Feeds

Sysadmins: Don't get in your own way

Be prepared to try new and irritating things

HP ProLiant Gen8: Integrated lifecycle automation

Sysadmin blog I remember the first time I saw these automated supermarket tills. They intrigued me. Yet I was also afraid of the things. I was afraid that despite all of my knowledge and training I wouldn't be able to figure it out and I would end up looking like a fool. I avoided them for three years; the basis of this avoidance nothing more than irrational fear of that which I might not understand.

When I finally bit the bullet and walked up to my grocery store nemesis, I was absolutely floored by how simple they were. Here was a computer that "just worked". I didn't have to think about how to use it, there were no complicated instructions and no training videos required. All that mattered was that I could understand spoken English and recognise the intuitive words or icons on the screen.

What didn't matter was what was under the hood. What hardware was it running? What operating system? What networking stack does it use and how many scoops of fruit does it contain? It is all completely irrelevant to the end user.

This is a critical concept, and one that goes beyond UI design. Usable and intuitive computer systems are not simply the developer's problem. These issues travel up and down the stack and need to affect every judgment we make about which technologies we implement.

Think about your infrastructure for a moment. Does the vendor of your virtualisation stack really matter? Does physical versus virtual matter? Why, and under what circumstances? Does hosting on premises get you anything, or can you do better by offloading that task to the cloud? How do all the components fit together, will they work if you change that bit out for an alternate bob?

Does a user preference for Outlook automatically mean you must have Exchange, Sharepoint and Lync? Do you know what the advantages of having the whole stack are, and have you considered hosted?

What kinds of compromises do we make trying to make it all work together, or adhering rigidly to some white paper? Can you give your users a better experience if you colour outside the lines a little?

Our choice of mail environment can impact which mobile device management software we can use, and in turn which mobile devices. Our mobile devices can affect which browsers we can safely use and that in turn can be driven by the apps or websites we need to access.

At the end of the day, what scripting language you can write your nightly batches in doesn't matter. What version of which operating system you use to house that super secret something-or-other that nobody but you ever sees is actually pretty irrelevant. What matters is your ability to understand user requirements and deliver an intuitive solution.

We have a wealth of choices today. Multiple operating systems, applications, protocols and bits of hardware exist for nearly every task. A decade has passed since the dark days of forced monopoly, and we now live in a world where heterogeneous and hybrid IT environments have become the norm.

The solution to your next problem may be a thin client. It might be a two button Android app that offloads the heavy lifting to Azure or even an iPad and some Velcro.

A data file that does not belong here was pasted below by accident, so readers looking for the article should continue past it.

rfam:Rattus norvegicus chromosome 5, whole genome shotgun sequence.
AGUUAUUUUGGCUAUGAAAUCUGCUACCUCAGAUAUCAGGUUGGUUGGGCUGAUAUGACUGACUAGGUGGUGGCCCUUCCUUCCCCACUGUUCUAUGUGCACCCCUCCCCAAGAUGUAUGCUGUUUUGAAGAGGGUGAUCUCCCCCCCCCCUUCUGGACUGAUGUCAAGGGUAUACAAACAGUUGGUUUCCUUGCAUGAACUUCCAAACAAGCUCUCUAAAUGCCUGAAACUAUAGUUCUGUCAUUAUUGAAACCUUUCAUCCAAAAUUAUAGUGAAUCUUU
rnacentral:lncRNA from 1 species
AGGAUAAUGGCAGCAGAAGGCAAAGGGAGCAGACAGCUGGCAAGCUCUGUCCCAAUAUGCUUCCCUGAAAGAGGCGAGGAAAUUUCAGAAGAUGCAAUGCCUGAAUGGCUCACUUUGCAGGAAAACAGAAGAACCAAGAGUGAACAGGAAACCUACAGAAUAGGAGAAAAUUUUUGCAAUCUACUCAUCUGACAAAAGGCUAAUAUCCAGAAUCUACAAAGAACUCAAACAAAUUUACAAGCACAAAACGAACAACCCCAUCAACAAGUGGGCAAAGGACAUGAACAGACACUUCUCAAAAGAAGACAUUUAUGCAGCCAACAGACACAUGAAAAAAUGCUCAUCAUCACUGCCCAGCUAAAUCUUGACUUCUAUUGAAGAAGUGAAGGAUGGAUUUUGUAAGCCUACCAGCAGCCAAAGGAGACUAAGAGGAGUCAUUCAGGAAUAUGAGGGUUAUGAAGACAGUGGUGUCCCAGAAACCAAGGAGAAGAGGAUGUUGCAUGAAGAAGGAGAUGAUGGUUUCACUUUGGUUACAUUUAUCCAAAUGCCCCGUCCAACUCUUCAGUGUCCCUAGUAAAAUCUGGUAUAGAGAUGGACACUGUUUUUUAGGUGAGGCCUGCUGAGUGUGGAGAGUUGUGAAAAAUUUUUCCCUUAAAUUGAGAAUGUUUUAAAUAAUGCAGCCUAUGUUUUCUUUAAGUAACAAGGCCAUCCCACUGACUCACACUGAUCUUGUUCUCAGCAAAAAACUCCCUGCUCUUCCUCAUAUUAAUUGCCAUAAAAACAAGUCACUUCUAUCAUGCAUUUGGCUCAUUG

When your users first encounter the IT solutions you have provided them, what experience do they receive? Are their worst fears of difficult and confusing IT confirmed, or do they find everything "just works?"

If everything doesn't "just work", then it's time to identify which element of your IT stack is holding everything back and get rid of it. If that element is a piece of technology then your life is easy. If the roadblock is your own prejudices and biases, the problem is far more complex. ®

Reducing security risks from open source software

More from The Register

next story
Sysadmin Day 2014: Quick, there's still time to get the beers in
He walked over the broken glass, killed the thugs... and er... reconnected the cables*
Amazon Reveals One Weird Trick: A Loss On Almost $20bn In Sales
Investors really hate it: Share price plunge as growth SLOWS in key AWS division
Auntie remains MYSTIFIED by that weekend BBC iPlayer and website outage
Still doing 'forensics' on the caching layer – Beeb digi wonk
SHOCK and AWS: The fall of Amazon's deflationary cloud
Just as Jeff Bezos did to books and CDs, Amazon's rivals are now doing to it
BlackBerry: Toss the server, mate... BES is in the CLOUD now
BlackBerry Enterprise Services takes aim at SMEs - but there's a catch
The triumph of VVOL: Everyone's jumping into bed with VMware
'Bandwagon'? Yes, we're on it and so what, say big dogs
Carbon tax repeal won't see data centre operators cut prices
Rackspace says electricity isn't a major cost, Equinix promises 'no levy'
prev story

Whitepapers

Designing a Defense for Mobile Applications
Learn about the various considerations for defending mobile applications - from the application architecture itself to the myriad testing technologies.
Implementing global e-invoicing with guaranteed legal certainty
Explaining the role local tax compliance plays in successful supply chain management and e-business and how leading global brands are addressing this.
Top 8 considerations to enable and simplify mobility
In this whitepaper learn how to successfully add mobile capabilities simply and cost effectively.
Seven Steps to Software Security
Seven practical steps you can begin to take today to secure your applications and prevent the damages a successful cyber-attack can cause.
Boost IT visibility and business value
How building a great service catalog relieves pressure points and demonstrates the value of IT service management.